Department of Conflict Resolution Studies Theses and Dissertations

Date of Award


Document Type


Degree Name

Doctor of Philosophy (PhD)


College of Arts, Humanities and Social Sciences – Department of Conflict Resolution Studies

First Advisor

Elena P. Bastidas

Second Advisor

Mary Hope Schwoebel

Third Advisor

Neil H. Katz


anti-Semitic violence, cultural diversity, human needs theory, Jewish immigrants, social identity theory, South Florida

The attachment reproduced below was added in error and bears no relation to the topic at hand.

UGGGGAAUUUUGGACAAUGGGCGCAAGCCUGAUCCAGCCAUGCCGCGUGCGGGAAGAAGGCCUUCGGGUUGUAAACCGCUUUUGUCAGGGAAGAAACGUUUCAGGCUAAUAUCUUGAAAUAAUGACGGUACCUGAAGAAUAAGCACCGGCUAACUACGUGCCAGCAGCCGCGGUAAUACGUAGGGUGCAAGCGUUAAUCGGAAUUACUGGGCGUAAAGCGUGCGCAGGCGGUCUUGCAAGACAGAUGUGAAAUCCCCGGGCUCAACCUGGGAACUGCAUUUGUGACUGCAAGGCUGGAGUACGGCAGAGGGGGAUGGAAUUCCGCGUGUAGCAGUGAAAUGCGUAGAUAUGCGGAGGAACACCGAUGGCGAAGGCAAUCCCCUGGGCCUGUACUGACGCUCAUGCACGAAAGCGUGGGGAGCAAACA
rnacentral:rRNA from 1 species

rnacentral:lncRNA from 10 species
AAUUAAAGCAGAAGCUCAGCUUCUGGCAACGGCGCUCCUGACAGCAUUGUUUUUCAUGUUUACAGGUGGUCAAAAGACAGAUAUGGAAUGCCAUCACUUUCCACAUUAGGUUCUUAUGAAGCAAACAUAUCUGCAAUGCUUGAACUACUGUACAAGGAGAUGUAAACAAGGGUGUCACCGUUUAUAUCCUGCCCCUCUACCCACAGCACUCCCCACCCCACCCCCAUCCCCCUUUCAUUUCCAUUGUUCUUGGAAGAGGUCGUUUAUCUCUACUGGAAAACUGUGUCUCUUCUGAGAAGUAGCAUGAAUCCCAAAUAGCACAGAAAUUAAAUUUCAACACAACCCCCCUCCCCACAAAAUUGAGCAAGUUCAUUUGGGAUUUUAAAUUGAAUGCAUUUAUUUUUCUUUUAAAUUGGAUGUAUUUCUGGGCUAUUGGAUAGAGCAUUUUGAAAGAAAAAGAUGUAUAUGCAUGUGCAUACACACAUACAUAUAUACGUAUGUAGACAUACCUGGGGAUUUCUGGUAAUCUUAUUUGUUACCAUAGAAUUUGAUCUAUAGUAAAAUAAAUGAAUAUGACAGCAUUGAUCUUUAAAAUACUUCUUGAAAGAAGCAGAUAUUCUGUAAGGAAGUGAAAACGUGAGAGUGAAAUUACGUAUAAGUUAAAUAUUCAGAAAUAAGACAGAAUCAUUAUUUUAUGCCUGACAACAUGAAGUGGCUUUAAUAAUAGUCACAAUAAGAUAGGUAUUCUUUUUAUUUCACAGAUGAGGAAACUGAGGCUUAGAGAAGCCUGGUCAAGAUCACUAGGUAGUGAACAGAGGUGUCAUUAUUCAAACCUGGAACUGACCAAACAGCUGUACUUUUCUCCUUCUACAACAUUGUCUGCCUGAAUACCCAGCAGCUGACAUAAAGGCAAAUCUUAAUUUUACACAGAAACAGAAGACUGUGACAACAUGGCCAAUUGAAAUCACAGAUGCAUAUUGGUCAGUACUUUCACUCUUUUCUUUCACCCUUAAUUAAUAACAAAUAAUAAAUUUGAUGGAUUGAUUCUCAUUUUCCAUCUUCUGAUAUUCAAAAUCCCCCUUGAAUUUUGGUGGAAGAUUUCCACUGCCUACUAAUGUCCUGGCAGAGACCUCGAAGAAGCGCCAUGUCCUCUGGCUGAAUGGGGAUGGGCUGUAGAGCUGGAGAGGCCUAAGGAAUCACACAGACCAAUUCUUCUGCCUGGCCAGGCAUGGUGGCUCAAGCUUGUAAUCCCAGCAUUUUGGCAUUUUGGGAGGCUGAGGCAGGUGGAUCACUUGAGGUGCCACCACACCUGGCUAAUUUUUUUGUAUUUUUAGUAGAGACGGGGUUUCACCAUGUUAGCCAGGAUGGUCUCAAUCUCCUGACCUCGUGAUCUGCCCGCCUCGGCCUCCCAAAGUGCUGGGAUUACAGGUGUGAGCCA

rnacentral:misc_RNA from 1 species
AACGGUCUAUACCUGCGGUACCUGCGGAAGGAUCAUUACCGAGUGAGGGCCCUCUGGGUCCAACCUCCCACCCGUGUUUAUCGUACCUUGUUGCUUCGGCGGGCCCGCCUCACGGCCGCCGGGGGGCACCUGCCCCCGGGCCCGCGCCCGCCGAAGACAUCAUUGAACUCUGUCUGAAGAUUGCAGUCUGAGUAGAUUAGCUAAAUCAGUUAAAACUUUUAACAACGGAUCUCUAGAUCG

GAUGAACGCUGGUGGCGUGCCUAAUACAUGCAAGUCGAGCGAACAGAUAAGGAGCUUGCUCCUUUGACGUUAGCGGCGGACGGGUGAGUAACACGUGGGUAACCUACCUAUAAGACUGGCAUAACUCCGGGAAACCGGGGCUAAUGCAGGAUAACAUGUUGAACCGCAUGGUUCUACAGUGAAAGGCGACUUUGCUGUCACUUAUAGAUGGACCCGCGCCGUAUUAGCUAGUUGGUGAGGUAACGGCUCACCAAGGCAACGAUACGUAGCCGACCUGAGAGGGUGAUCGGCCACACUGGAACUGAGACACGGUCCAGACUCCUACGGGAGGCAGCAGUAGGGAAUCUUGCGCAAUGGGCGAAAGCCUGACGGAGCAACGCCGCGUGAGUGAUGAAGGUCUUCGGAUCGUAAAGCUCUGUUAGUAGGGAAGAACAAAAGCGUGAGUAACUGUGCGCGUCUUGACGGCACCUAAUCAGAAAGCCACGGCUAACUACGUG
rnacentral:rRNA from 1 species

Approximately 514,000 Jewish immigrants fled from different countries during World War II and migrated to South Florida. They came from Poland, Russia, Cuba, Brazil, France, Syria, Israel, and other countries, hoping to find a more tolerant and secure place to raise their families. However, anti-Semitic violence and incidents have occurred over the years. This dissertation relies on Social Identity Theory and Human Needs Theory to understand the causes of the conflicts among the different groups. Using a quantitative methodology, the author collected information on participants’ perceptions toward anti-Semitism and safety needs. This study included 300 participants of the second and third Jewish immigrant generations from Miami Dade County, Broward County, and Palm Beach County in Florida. The results indicated that over 64.7% of Jewish participants strongly agreed or agreed they were more worried about encountering anti-Semitism or discrimination in neighborhoods, workplaces, schools, or other places now than in the past ten years. There were 76.3% believed the lack of awareness of cultural diversity and inclusion was a cause of anti-Semitism and discrimination. The results also showed 55.3% of participants thought a lack of awareness of cultural diversity and inclusion was a factor for a person to experience an anti-Semitic attack or discrimination. This study provided explicit recommendations for different groups dealing with anti-Semitism and discrimination.